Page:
In the case of the September 11 attacks, as journalists soon realized, the terrorists’ methods were surprisingly low tech. In fact, the technologies involved had been established for a generation-30 years, plus or minus five.
While the building design was tested to withstand a hit from a 707 jet, the Boeing 747, with its immense fuel loads, was already in service by 1969. The terrorists also apparently needed no sophisticated knowledge of automatic pilots and global positioning satellites. They had simply, and all too well, learned the classic principles of flying.
The immediate goal of the hijackers was also a 1970s concept: stunning the world with photogenic violence, as at the 1972 Munich Olympics. Thanks to satellite feeds, cheap color televisions and the Internet, these images could now have a more rapid and vivid impact, but the principle was old hat. So was the idea, dating at least from the time of the Ho Chi Minh sandal-carved by resourceful Viet Cong soldiers from rubber tire segments-that the improvised technologies of poor countries and peoples might humiliate the West. The terrorists understood all too well this neglected feature of technology: with enough determination, practice and time, mature and even seemingly outdated tactics and devices can be reborn.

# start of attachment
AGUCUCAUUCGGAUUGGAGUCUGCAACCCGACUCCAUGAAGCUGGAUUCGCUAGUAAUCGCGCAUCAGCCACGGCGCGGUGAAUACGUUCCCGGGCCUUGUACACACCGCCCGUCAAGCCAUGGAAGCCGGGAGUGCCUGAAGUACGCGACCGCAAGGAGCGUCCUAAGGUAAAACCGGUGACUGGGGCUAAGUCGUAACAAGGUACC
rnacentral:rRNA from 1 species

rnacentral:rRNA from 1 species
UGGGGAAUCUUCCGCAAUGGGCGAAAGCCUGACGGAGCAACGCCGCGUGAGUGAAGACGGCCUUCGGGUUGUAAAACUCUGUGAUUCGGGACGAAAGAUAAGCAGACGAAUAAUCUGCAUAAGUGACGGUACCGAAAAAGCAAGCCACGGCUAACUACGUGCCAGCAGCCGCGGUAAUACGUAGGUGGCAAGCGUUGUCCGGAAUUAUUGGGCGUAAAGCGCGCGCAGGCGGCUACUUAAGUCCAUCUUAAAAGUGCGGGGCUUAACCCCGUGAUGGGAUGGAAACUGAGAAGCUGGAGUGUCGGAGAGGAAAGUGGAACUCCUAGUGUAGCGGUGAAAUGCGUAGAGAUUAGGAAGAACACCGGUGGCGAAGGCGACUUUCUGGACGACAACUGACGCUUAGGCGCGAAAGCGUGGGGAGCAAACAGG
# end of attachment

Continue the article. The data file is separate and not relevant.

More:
What can halt future attacks? The events showed the limits of communications monitoring and satellite surveillance. The question remains whether more ambitious programs like the FBI’s troubled Carnivore e-mail-sniffing technology or facial recognition software will unearth new data on terrorist activity, or simply compound the familiar problem of information overload and produce an illusion of control. The frequent false alarms from even the simplest home security systems are already a plague for the police.
We obviously need to think more about protection from both newer and older forms of attack. One common feature of both is reliance on personal networks. The terrorist cells’ apparent methods of recruiting from the same regions, clans and families, and moving frequently from base to base, make them difficult to infiltrate conventionally-but they also reveal patterns to experienced analysts, making more targeted technical surveillance possible. We don’t need another decimal place of accuracy from computational social-science studies but a better intuitive understanding of the terrorists and their civilian neighbors. At the same time, the tacit knowledge possessed by the most effective police officers and detectives deserves more respect. One of our great challenges will be to formalize and teach these elusive skills to security screeners at airports and elsewhere.